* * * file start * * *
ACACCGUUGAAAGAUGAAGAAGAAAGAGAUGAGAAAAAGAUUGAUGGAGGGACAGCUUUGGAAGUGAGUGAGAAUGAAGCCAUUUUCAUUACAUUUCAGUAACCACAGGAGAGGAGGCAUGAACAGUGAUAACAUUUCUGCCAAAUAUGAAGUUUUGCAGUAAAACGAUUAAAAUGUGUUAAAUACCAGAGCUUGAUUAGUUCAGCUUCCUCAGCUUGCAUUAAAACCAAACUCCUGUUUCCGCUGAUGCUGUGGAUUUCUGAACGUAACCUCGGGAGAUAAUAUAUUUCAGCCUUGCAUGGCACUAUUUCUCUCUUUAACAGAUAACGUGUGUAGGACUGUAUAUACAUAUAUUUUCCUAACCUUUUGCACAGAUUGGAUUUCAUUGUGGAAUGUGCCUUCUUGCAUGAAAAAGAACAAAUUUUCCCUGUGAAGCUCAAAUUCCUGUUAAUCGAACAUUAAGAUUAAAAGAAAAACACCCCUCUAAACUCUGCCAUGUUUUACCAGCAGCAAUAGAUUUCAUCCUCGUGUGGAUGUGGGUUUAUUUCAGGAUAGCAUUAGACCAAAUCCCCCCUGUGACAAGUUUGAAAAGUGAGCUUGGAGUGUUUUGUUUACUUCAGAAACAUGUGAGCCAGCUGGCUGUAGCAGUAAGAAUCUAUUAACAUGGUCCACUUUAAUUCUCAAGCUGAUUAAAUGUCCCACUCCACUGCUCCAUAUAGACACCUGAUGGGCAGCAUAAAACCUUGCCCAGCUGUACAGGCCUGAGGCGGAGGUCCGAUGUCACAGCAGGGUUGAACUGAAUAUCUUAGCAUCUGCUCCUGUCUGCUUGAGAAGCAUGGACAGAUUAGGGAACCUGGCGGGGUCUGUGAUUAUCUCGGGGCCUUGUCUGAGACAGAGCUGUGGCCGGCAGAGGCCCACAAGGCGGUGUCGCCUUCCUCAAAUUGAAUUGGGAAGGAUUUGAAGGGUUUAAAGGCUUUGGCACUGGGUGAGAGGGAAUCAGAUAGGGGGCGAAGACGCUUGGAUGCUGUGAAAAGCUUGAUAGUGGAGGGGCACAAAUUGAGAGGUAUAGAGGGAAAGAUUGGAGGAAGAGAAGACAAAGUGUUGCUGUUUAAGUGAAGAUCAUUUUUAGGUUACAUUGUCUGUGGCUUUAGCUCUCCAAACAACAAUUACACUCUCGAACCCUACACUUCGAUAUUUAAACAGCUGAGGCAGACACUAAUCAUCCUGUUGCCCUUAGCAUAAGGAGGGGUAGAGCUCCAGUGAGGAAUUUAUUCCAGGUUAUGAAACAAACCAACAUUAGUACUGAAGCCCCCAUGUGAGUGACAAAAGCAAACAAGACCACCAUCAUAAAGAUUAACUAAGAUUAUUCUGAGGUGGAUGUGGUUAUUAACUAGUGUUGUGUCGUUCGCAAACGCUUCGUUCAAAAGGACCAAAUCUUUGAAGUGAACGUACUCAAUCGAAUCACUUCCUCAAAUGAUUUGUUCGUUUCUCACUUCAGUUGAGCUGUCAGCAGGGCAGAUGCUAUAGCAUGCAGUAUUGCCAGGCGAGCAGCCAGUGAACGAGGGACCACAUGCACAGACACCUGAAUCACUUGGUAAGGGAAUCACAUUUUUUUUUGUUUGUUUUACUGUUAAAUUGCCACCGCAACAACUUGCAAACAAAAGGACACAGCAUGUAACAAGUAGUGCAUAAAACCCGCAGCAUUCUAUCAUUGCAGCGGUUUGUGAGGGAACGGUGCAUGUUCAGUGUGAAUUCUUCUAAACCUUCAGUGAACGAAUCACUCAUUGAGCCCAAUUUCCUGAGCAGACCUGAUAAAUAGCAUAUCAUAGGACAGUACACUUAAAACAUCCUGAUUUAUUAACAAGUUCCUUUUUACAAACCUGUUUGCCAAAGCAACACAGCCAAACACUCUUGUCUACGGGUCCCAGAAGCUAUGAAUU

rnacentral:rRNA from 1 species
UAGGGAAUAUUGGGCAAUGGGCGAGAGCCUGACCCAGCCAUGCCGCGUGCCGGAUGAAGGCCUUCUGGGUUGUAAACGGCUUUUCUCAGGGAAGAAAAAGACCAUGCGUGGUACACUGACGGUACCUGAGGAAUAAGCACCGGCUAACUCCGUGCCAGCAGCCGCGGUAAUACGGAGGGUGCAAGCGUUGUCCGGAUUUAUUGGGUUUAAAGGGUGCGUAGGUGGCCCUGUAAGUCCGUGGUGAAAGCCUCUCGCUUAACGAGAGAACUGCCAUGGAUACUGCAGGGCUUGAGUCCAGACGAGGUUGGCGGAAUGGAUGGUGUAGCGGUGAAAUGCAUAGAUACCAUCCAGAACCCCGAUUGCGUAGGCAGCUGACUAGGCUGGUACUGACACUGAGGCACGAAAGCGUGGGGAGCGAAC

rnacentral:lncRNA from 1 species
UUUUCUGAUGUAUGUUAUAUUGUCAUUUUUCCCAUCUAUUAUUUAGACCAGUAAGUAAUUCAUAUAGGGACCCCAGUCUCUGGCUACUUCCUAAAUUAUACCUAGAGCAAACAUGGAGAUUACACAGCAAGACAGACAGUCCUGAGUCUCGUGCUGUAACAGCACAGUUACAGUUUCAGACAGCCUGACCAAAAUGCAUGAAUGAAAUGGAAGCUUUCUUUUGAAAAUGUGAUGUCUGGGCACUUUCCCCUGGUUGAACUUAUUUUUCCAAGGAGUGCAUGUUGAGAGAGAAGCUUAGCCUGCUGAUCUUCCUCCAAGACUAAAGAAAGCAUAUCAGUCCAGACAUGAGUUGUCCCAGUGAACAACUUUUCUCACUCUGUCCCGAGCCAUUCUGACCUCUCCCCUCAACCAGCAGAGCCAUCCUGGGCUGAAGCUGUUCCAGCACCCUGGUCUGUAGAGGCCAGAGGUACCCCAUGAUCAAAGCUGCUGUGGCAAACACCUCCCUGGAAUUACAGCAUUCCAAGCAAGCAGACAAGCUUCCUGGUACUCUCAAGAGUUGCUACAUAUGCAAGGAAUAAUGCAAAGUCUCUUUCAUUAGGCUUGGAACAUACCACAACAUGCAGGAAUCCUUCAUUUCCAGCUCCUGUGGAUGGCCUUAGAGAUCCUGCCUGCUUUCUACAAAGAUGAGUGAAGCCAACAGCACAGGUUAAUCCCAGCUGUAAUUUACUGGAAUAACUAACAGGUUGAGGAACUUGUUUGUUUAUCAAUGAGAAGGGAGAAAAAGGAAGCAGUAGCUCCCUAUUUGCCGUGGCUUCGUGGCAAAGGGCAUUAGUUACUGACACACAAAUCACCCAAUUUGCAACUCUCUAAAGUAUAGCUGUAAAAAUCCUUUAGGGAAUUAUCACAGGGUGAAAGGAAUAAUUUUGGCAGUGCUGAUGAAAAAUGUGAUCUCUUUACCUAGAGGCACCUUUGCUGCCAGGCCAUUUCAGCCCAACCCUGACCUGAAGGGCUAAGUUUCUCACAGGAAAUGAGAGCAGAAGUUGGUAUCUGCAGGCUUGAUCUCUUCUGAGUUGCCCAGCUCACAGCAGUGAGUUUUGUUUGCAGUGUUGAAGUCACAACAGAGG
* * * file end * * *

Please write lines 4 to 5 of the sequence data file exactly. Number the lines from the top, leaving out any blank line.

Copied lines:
rnacentral:lncRNA from 1 species
UUUUCUGAUGUAUGUUAUAUUGUCAUUUUUCCCAUCUAUUAUUUAGACCAGUAAGUAAUUCAUAUAGGGACCCCAGUCUCUGGCUACUUCCUAAAUUAUACCUAGAGCAAACAUGGAGAUUACACAGCAAGACAGACAGUCCUGAGUCUCGUGCUGUAACAGCACAGUUACAGUUUCAGACAGCCUGACCAAAAUGCAUGAAUGAAAUGGAAGCUUUCUUUUGAAAAUGUGAUGUCUGGGCACUUUCCCCUGGUUGAACUUAUUUUUCCAAGGAGUGCAUGUUGAGAGAGAAGCUUAGCCUGCUGAUCUUCCUCCAAGACUAAAGAAAGCAUAUCAGUCCAGACAUGAGUUGUCCCAGUGAACAACUUUUCUCACUCUGUCCCGAGCCAUUCUGACCUCUCCCCUCAACCAGCAGAGCCAUCCUGGGCUGAAGCUGUUCCAGCACCCUGGUCUGUAGAGGCCAGAGGUACCCCAUGAUCAAAGCUGCUGUGGCAAACACCUCCCUGGAAUUACAGCAUUCCAAGCAAGCAGACAAGCUUCCUGGUACUCUCAAGAGUUGCUACAUAUGCAAGGAAUAAUGCAAAGUCUCUUUCAUUAGGCUUGGAACAUACCACAACAUGCAGGAAUCCUUCAUUUCCAGCUCCUGUGGAUGGCCUUAGAGAUCCUGCCUGCUUUCUACAAAGAUGAGUGAAGCCAACAGCACAGGUUAAUCCCAGCUGUAAUUUACUGGAAUAACUAACAGGUUGAGGAACUUGUUUGUUUAUCAAUGAGAAGGGAGAAAAAGGAAGCAGUAGCUCCCUAUUUGCCGUGGCUUCGUGGCAAAGGGCAUUAGUUACUGACACACAAAUCACCCAAUUUGCAACUCUCUAAAGUAUAGCUGUAAAAAUCCUUUAGGGAAUUAUCACAGGGUGAAAGGAAUAAUUUUGGCAGUGCUGAUGAAAAAUGUGAUCUCUUUACCUAGAGGCACCUUUGCUGCCAGGCCAUUUCAGCCCAACCCUGACCUGAAGGGCUAAGUUUCUCACAGGAAAUGAGAGCAGAAGUUGGUAUCUGCAGGCUUGAUCUCUUCUGAGUUGCCCAGCUCACAGCAGUGAGUUUUGUUUGCAGUGUUGAAGUCACAACAGAGG